She threw open the car door while grumbling and tossing books into the back seat.
As a mother just 'knows', I knew instantly that something had gone astray during her school day.
After the books landed with a thump, she slammed the door and turned to me while taking a deep breath. Quietly (and impressively controlled), she said, "A jerk in PE asked me about the site on my arm."
"OK." I said with a bit of caution not sure where her conversation was leading.
"He said, 'What is that thing on your arm?' and mom, I was like, 'It is my insulin pump site.' Duh! Geez. He made me feel bad." The words were tumbling out of her mouth faster than I could think. Tears welling up in her eyes, she sighed and continued on.
"I felt so self-conscious that I told the teacher that I was cold so that I could go back into the locker room and grab my sweatshirt. Then, I felt dumb because I was sweating and I couldn't take the coat off. It was miserable, mom." As she talked, a couple of fat tears angrily spilled out and raced down her cheeks.
I reached over to wipe the tears away but she moved her face, slightly embarrassed that it got to the point of tears.
Quietly (starting to fill with mommy-bear anger), I said, "I am so sorry. Was the boy teasing you? Was he asking unkindly?"
"No. No. No." She shook her head. "It was just that he asked. Why did he have to ask? We were in line and everyone heard. Then everyone looked. I hated the attention. Just look away if you don't like it."
She explained that he didn't say anything except that and no other student spoke up either.
Carefully so as to not cause any further hurt I tried to explain the situation from another angle; the boy. "Honey, I think he was just curious. Yes, it was thoughtless and rude, but he clearly wasn't even thinking about your feelings. He most likely hadn't noticed your site before and just wanted to know. It doesn't sound like he was teasing or picking on you. Do you think that too?"
"Yes. I guess." Her eyes were cast down and she was sitting with her arms crossed, holding her sweatshirt closed. "It was just embarrassing."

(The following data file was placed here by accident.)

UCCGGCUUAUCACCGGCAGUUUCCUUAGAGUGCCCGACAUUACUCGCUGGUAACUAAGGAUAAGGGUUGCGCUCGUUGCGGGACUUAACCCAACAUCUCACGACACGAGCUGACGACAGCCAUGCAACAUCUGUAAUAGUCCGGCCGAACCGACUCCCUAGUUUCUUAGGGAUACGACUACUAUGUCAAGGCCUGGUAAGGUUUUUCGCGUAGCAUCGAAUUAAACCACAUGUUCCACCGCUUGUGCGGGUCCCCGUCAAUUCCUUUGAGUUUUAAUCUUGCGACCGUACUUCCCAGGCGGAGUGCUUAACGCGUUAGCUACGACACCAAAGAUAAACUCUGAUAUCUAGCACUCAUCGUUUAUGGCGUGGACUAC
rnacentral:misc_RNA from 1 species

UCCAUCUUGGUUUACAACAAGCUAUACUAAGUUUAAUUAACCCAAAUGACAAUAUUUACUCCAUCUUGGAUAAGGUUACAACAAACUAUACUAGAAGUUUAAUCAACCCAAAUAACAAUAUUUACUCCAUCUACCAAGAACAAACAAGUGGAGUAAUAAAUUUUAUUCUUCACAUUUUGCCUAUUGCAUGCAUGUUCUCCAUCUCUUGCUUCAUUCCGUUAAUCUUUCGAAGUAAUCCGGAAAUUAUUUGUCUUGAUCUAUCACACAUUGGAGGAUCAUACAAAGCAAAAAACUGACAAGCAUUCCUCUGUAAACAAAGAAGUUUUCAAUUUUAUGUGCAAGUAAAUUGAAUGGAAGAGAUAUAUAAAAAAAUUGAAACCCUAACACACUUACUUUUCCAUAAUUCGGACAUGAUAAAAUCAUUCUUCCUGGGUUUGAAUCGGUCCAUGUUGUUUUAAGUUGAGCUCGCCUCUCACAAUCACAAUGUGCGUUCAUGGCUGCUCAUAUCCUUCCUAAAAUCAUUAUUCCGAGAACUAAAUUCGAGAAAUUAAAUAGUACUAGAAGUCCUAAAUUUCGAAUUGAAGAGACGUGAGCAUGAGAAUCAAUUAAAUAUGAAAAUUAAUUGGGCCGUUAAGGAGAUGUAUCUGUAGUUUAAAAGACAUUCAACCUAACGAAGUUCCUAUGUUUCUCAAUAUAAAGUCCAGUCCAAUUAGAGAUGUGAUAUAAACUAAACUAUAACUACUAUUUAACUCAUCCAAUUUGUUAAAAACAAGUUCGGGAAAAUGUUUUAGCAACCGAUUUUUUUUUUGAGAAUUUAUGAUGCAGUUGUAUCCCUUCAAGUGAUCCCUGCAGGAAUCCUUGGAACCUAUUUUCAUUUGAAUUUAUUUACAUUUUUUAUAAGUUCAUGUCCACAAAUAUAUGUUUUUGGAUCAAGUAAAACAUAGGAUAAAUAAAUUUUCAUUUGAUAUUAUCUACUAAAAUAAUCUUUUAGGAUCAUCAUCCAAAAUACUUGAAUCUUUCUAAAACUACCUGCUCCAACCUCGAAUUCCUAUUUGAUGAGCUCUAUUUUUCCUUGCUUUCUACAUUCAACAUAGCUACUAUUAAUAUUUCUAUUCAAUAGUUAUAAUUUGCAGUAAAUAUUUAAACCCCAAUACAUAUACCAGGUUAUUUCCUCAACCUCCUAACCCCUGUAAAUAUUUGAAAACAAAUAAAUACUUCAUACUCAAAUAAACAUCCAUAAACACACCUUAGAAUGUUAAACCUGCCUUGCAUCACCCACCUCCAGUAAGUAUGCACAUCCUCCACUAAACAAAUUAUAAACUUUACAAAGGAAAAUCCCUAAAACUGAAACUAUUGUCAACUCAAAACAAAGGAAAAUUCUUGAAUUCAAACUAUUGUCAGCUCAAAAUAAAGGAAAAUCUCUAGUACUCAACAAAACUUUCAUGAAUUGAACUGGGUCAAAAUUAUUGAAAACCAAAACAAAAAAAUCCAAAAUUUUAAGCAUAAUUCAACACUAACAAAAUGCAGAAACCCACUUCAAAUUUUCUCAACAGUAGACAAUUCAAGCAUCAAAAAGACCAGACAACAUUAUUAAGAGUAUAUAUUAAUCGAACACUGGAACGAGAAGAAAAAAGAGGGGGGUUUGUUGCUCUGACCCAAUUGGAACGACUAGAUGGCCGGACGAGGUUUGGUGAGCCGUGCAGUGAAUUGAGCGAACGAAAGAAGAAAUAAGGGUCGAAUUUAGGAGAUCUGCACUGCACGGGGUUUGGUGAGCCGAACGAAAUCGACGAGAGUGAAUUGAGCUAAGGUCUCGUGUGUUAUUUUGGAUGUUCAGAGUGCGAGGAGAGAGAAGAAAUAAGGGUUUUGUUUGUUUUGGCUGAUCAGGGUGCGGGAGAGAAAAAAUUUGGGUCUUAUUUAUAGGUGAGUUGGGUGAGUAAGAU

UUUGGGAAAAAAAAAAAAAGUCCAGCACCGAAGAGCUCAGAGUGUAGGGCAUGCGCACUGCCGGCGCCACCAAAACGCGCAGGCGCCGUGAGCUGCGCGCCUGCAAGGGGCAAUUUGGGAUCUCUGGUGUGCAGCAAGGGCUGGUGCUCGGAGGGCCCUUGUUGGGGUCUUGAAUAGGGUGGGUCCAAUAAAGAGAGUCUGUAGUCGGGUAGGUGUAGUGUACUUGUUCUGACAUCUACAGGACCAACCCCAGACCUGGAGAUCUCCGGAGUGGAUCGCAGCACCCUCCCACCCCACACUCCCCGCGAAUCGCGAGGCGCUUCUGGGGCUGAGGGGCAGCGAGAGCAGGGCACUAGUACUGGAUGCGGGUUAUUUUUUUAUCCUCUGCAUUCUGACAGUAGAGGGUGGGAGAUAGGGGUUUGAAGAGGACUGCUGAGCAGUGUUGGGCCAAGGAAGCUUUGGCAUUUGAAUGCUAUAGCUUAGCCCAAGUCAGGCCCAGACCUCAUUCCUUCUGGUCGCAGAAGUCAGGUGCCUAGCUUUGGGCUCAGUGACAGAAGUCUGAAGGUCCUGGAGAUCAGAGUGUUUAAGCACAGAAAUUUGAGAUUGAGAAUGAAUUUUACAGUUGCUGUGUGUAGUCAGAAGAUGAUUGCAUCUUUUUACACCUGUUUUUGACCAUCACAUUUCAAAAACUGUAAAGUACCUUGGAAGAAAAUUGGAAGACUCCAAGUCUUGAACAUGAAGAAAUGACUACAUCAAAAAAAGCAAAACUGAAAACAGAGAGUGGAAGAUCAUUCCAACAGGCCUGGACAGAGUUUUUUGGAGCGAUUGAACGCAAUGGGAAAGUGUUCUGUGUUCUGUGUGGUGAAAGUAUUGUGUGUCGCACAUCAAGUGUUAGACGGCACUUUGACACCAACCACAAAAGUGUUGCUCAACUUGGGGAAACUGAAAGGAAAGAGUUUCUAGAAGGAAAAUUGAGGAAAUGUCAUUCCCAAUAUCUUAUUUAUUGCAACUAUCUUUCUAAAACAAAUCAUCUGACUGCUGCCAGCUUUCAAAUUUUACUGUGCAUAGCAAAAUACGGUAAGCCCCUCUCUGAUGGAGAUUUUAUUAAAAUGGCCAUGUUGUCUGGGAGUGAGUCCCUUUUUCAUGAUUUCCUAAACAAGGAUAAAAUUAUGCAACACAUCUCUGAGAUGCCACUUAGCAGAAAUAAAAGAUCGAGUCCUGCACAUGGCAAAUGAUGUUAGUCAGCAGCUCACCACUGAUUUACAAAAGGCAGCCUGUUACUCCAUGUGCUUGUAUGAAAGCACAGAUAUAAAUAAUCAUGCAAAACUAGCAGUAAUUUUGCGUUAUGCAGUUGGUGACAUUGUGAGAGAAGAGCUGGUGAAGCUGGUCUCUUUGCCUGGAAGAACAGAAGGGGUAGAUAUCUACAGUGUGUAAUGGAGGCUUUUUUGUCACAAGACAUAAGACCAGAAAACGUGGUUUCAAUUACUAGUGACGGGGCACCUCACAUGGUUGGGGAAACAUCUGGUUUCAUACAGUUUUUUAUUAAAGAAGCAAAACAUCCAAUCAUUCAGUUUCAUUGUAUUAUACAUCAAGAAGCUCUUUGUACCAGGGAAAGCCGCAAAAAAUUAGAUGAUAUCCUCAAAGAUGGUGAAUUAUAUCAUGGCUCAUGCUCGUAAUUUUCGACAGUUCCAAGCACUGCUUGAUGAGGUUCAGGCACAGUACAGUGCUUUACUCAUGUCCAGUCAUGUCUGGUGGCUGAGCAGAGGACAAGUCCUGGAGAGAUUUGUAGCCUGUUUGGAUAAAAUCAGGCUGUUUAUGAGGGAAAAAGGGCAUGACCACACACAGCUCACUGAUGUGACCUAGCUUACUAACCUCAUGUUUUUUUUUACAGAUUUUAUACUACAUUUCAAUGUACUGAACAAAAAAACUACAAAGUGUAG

Gently, I explained that I thought it important for her to be kind when someone innocently asked. Perhaps one day, they will meet someone else that lives with type 1 diabetes and it will help them handle a situation better. We talked about a low blood sugar situation that I heard of where a bystander was able to help after seeing an insulin pump.
Listening, she nodded her head in agreement.
Then, I further explained that I knew this was a lot to ask and that she also has every right to a private existence, where she does NOT have to explain to anyone unless she wants to. The key is to understand the difference between someone asking out of natural curiosity and one who is being mean.
"After you told him, what did that boy say?" I asked.
Laughing, she said, "I think I scared him a little. I kind of growled a little and he just said, 'Oh OK.' and backed off."
I hugged her and told her that I knew it was hard to be the center of attention for something that she doesn't necessarily want to be reminded of at the same moment she is doing a fun thing, like P.E. class.
"One more thing though, sweetie. I don't want you to ever feel ashamed of living with type 1 diabetes. You don't have to wear a coat to hide a site or to not have to explain why you have a infusion set on your arm. You are perfect exactly the way you are. It's up to the rest of the world to catch up with you."
C'mon world. Catch up to this amazing young lady!